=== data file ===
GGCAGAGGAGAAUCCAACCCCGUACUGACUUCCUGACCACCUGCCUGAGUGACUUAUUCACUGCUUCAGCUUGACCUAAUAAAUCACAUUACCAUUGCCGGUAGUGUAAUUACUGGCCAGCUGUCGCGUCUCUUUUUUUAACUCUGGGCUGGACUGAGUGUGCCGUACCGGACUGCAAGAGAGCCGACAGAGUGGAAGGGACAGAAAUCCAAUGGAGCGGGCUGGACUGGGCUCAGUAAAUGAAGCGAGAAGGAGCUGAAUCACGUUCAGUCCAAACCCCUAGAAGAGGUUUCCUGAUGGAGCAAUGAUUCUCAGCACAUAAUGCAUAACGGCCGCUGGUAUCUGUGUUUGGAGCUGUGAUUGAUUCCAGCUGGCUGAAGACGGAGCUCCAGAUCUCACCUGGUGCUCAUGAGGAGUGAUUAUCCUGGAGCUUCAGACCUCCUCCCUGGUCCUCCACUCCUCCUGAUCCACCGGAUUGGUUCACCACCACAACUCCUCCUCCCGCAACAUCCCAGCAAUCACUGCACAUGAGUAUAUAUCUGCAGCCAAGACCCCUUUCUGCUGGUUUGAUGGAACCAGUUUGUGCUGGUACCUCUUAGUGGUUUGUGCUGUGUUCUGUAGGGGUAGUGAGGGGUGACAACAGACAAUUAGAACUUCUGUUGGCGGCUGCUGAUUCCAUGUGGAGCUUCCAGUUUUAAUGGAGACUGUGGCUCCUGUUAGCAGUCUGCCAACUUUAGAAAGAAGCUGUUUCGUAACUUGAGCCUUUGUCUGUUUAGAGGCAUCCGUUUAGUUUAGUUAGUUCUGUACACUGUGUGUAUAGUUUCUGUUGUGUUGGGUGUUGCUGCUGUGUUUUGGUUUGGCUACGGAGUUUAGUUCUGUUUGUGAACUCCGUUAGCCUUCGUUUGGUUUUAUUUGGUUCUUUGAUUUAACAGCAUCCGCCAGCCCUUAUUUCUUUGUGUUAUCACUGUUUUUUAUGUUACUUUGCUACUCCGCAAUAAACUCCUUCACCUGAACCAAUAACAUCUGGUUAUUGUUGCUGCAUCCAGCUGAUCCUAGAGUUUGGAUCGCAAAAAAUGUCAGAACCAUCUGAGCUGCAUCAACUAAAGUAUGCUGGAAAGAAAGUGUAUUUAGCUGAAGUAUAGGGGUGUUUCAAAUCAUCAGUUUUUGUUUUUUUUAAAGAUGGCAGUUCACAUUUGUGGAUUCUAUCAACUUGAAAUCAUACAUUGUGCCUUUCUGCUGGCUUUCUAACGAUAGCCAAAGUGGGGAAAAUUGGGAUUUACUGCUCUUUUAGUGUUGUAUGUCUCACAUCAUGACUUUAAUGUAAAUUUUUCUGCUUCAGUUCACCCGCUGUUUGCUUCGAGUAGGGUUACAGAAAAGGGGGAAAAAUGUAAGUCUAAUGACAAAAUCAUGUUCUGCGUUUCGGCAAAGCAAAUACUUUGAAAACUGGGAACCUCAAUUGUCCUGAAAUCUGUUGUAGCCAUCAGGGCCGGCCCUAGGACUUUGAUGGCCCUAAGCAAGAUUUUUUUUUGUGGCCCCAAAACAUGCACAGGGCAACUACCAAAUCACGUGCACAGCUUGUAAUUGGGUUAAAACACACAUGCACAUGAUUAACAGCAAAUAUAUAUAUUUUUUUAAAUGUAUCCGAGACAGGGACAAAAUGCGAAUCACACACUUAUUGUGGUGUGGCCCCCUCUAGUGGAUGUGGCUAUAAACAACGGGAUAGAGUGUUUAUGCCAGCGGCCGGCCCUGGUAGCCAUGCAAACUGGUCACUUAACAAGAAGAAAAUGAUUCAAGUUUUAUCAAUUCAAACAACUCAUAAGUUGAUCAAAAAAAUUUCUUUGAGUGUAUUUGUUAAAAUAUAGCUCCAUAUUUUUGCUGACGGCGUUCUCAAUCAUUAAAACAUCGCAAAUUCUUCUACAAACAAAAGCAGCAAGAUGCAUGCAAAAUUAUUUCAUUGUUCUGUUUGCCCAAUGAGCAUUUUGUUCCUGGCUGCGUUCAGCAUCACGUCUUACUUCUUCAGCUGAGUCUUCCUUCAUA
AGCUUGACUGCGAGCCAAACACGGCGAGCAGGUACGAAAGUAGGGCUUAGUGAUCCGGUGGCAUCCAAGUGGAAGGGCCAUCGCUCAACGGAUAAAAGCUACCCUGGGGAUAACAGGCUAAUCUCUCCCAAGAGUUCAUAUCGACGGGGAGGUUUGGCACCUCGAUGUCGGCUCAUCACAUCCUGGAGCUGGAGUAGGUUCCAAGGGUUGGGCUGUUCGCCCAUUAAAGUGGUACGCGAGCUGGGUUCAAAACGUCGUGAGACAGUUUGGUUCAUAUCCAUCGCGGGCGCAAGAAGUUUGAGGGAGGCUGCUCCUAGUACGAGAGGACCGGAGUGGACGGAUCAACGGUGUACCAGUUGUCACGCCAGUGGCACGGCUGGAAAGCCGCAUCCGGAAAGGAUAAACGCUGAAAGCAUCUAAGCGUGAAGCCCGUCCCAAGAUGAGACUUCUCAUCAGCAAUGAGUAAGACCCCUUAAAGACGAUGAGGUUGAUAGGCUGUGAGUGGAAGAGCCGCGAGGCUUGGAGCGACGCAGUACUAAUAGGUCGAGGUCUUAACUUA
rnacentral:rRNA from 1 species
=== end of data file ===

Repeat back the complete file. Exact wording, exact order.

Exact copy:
GGCAGAGGAGAAUCCAACCCCGUACUGACUUCCUGACCACCUGCCUGAGUGACUUAUUCACUGCUUCAGCUUGACCUAAUAAAUCACAUUACCAUUGCCGGUAGUGUAAUUACUGGCCAGCUGUCGCGUCUCUUUUUUUAACUCUGGGCUGGACUGAGUGUGCCGUACCGGACUGCAAGAGAGCCGACAGAGUGGAAGGGACAGAAAUCCAAUGGAGCGGGCUGGACUGGGCUCAGUAAAUGAAGCGAGAAGGAGCUGAAUCACGUUCAGUCCAAACCCCUAGAAGAGGUUUCCUGAUGGAGCAAUGAUUCUCAGCACAUAAUGCAUAACGGCCGCUGGUAUCUGUGUUUGGAGCUGUGAUUGAUUCCAGCUGGCUGAAGACGGAGCUCCAGAUCUCACCUGGUGCUCAUGAGGAGUGAUUAUCCUGGAGCUUCAGACCUCCUCCCUGGUCCUCCACUCCUCCUGAUCCACCGGAUUGGUUCACCACCACAACUCCUCCUCCCGCAACAUCCCAGCAAUCACUGCACAUGAGUAUAUAUCUGCAGCCAAGACCCCUUUCUGCUGGUUUGAUGGAACCAGUUUGUGCUGGUACCUCUUAGUGGUUUGUGCUGUGUUCUGUAGGGGUAGUGAGGGGUGACAACAGACAAUUAGAACUUCUGUUGGCGGCUGCUGAUUCCAUGUGGAGCUUCCAGUUUUAAUGGAGACUGUGGCUCCUGUUAGCAGUCUGCCAACUUUAGAAAGAAGCUGUUUCGUAACUUGAGCCUUUGUCUGUUUAGAGGCAUCCGUUUAGUUUAGUUAGUUCUGUACACUGUGUGUAUAGUUUCUGUUGUGUUGGGUGUUGCUGCUGUGUUUUGGUUUGGCUACGGAGUUUAGUUCUGUUUGUGAACUCCGUUAGCCUUCGUUUGGUUUUAUUUGGUUCUUUGAUUUAACAGCAUCCGCCAGCCCUUAUUUCUUUGUGUUAUCACUGUUUUUUAUGUUACUUUGCUACUCCGCAAUAAACUCCUUCACCUGAACCAAUAACAUCUGGUUAUUGUUGCUGCAUCCAGCUGAUCCUAGAGUUUGGAUCGCAAAAAAUGUCAGAACCAUCUGAGCUGCAUCAACUAAAGUAUGCUGGAAAGAAAGUGUAUUUAGCUGAAGUAUAGGGGUGUUUCAAAUCAUCAGUUUUUGUUUUUUUUAAAGAUGGCAGUUCACAUUUGUGGAUUCUAUCAACUUGAAAUCAUACAUUGUGCCUUUCUGCUGGCUUUCUAACGAUAGCCAAAGUGGGGAAAAUUGGGAUUUACUGCUCUUUUAGUGUUGUAUGUCUCACAUCAUGACUUUAAUGUAAAUUUUUCUGCUUCAGUUCACCCGCUGUUUGCUUCGAGUAGGGUUACAGAAAAGGGGGAAAAAUGUAAGUCUAAUGACAAAAUCAUGUUCUGCGUUUCGGCAAAGCAAAUACUUUGAAAACUGGGAACCUCAAUUGUCCUGAAAUCUGUUGUAGCCAUCAGGGCCGGCCCUAGGACUUUGAUGGCCCUAAGCAAGAUUUUUUUUUGUGGCCCCAAAACAUGCACAGGGCAACUACCAAAUCACGUGCACAGCUUGUAAUUGGGUUAAAACACACAUGCACAUGAUUAACAGCAAAUAUAUAUAUUUUUUUAAAUGUAUCCGAGACAGGGACAAAAUGCGAAUCACACACUUAUUGUGGUGUGGCCCCCUCUAGUGGAUGUGGCUAUAAACAACGGGAUAGAGUGUUUAUGCCAGCGGCCGGCCCUGGUAGCCAUGCAAACUGGUCACUUAACAAGAAGAAAAUGAUUCAAGUUUUAUCAAUUCAAACAACUCAUAAGUUGAUCAAAAAAAUUUCUUUGAGUGUAUUUGUUAAAAUAUAGCUCCAUAUUUUUGCUGACGGCGUUCUCAAUCAUUAAAACAUCGCAAAUUCUUCUACAAACAAAAGCAGCAAGAUGCAUGCAAAAUUAUUUCAUUGUUCUGUUUGCCCAAUGAGCAUUUUGUUCCUGGCUGCGUUCAGCAUCACGUCUUACUUCUUCAGCUGAGUCUUCCUUCAUA
AGCUUGACUGCGAGCCAAACACGGCGAGCAGGUACGAAAGUAGGGCUUAGUGAUCCGGUGGCAUCCAAGUGGAAGGGCCAUCGCUCAACGGAUAAAAGCUACCCUGGGGAUAACAGGCUAAUCUCUCCCAAGAGUUCAUAUCGACGGGGAGGUUUGGCACCUCGAUGUCGGCUCAUCACAUCCUGGAGCUGGAGUAGGUUCCAAGGGUUGGGCUGUUCGCCCAUUAAAGUGGUACGCGAGCUGGGUUCAAAACGUCGUGAGACAGUUUGGUUCAUAUCCAUCGCGGGCGCAAGAAGUUUGAGGGAGGCUGCUCCUAGUACGAGAGGACCGGAGUGGACGGAUCAACGGUGUACCAGUUGUCACGCCAGUGGCACGGCUGGAAAGCCGCAUCCGGAAAGGAUAAACGCUGAAAGCAUCUAAGCGUGAAGCCCGUCCCAAGAUGAGACUUCUCAUCAGCAAUGAGUAAGACCCCUUAAAGACGAUGAGGUUGAUAGGCUGUGAGUGGAAGAGCCGCGAGGCUUGGAGCGACGCAGUACUAAUAGGUCGAGGUCUUAACUUA
rnacentral:rRNA from 1 species